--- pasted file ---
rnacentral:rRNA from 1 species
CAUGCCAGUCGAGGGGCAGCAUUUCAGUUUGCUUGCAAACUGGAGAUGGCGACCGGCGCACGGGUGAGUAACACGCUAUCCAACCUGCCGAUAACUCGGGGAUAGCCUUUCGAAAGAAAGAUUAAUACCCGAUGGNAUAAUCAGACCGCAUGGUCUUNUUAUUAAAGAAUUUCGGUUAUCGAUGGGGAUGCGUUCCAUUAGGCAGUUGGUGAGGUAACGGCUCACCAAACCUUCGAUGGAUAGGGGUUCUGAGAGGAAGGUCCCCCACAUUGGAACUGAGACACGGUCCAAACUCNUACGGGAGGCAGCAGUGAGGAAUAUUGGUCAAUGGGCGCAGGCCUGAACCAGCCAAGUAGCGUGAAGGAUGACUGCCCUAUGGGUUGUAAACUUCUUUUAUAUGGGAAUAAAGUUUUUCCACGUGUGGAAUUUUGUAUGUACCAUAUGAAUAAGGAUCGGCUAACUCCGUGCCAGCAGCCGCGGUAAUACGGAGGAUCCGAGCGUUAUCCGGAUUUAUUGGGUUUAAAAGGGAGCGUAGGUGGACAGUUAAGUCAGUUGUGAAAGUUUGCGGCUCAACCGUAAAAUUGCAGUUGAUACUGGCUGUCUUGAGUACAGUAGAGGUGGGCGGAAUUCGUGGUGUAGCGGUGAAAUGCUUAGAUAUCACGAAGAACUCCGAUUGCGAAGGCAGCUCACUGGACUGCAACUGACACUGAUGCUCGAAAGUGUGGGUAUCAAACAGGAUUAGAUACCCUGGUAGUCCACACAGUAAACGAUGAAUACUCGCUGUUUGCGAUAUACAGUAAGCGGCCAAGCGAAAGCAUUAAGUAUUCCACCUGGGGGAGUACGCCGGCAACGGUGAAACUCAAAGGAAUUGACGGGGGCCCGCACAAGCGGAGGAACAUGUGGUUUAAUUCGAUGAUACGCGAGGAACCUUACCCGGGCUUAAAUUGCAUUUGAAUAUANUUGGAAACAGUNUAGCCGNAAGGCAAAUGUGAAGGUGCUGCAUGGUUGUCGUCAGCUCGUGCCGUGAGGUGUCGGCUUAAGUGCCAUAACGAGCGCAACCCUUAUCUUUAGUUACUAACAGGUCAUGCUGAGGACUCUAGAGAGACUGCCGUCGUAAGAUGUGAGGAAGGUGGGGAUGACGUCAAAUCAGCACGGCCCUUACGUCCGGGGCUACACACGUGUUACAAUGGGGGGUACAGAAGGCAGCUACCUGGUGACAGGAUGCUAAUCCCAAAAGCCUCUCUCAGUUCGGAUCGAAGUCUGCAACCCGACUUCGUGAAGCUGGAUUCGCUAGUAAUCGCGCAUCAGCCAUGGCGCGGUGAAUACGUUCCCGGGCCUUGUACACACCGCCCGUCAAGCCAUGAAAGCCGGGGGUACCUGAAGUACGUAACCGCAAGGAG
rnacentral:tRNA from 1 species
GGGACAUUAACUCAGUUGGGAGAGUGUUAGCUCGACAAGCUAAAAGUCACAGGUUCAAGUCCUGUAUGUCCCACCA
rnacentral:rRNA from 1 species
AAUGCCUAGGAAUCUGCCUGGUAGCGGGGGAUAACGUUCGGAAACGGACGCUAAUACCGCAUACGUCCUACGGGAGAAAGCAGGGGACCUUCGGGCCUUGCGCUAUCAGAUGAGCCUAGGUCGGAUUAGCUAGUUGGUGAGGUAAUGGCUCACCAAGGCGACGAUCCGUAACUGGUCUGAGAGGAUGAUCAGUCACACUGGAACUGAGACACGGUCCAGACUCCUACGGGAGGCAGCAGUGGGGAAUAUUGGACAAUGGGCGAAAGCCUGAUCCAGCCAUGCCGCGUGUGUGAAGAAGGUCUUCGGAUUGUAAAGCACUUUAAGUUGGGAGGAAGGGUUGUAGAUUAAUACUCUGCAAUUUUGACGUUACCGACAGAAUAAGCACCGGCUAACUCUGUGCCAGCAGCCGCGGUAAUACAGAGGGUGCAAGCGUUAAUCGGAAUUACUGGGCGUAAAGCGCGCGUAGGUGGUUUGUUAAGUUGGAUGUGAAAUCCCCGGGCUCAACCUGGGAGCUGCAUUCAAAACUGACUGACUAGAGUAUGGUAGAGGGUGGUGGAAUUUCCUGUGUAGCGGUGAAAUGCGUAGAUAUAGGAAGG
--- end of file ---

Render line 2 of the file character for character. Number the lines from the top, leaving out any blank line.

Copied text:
CAUGCCAGUCGAGGGGCAGCAUUUCAGUUUGCUUGCAAACUGGAGAUGGCGACCGGCGCACGGGUGAGUAACACGCUAUCCAACCUGCCGAUAACUCGGGGAUAGCCUUUCGAAAGAAAGAUUAAUACCCGAUGGNAUAAUCAGACCGCAUGGUCUUNUUAUUAAAGAAUUUCGGUUAUCGAUGGGGAUGCGUUCCAUUAGGCAGUUGGUGAGGUAACGGCUCACCAAACCUUCGAUGGAUAGGGGUUCUGAGAGGAAGGUCCCCCACAUUGGAACUGAGACACGGUCCAAACUCNUACGGGAGGCAGCAGUGAGGAAUAUUGGUCAAUGGGCGCAGGCCUGAACCAGCCAAGUAGCGUGAAGGAUGACUGCCCUAUGGGUUGUAAACUUCUUUUAUAUGGGAAUAAAGUUUUUCCACGUGUGGAAUUUUGUAUGUACCAUAUGAAUAAGGAUCGGCUAACUCCGUGCCAGCAGCCGCGGUAAUACGGAGGAUCCGAGCGUUAUCCGGAUUUAUUGGGUUUAAAAGGGAGCGUAGGUGGACAGUUAAGUCAGUUGUGAAAGUUUGCGGCUCAACCGUAAAAUUGCAGUUGAUACUGGCUGUCUUGAGUACAGUAGAGGUGGGCGGAAUUCGUGGUGUAGCGGUGAAAUGCUUAGAUAUCACGAAGAACUCCGAUUGCGAAGGCAGCUCACUGGACUGCAACUGACACUGAUGCUCGAAAGUGUGGGUAUCAAACAGGAUUAGAUACCCUGGUAGUCCACACAGUAAACGAUGAAUACUCGCUGUUUGCGAUAUACAGUAAGCGGCCAAGCGAAAGCAUUAAGUAUUCCACCUGGGGGAGUACGCCGGCAACGGUGAAACUCAAAGGAAUUGACGGGGGCCCGCACAAGCGGAGGAACAUGUGGUUUAAUUCGAUGAUACGCGAGGAACCUUACCCGGGCUUAAAUUGCAUUUGAAUAUANUUGGAAACAGUNUAGCCGNAAGGCAAAUGUGAAGGUGCUGCAUGGUUGUCGUCAGCUCGUGCCGUGAGGUGUCGGCUUAAGUGCCAUAACGAGCGCAACCCUUAUCUUUAGUUACUAACAGGUCAUGCUGAGGACUCUAGAGAGACUGCCGUCGUAAGAUGUGAGGAAGGUGGGGAUGACGUCAAAUCAGCACGGCCCUUACGUCCGGGGCUACACACGUGUUACAAUGGGGGGUACAGAAGGCAGCUACCUGGUGACAGGAUGCUAAUCCCAAAAGCCUCUCUCAGUUCGGAUCGAAGUCUGCAACCCGACUUCGUGAAGCUGGAUUCGCUAGUAAUCGCGCAUCAGCCAUGGCGCGGUGAAUACGUUCCCGGGCCUUGUACACACCGCCCGUCAAGCCAUGAAAGCCGGGGGUACCUGAAGUACGUAACCGCAAGGAG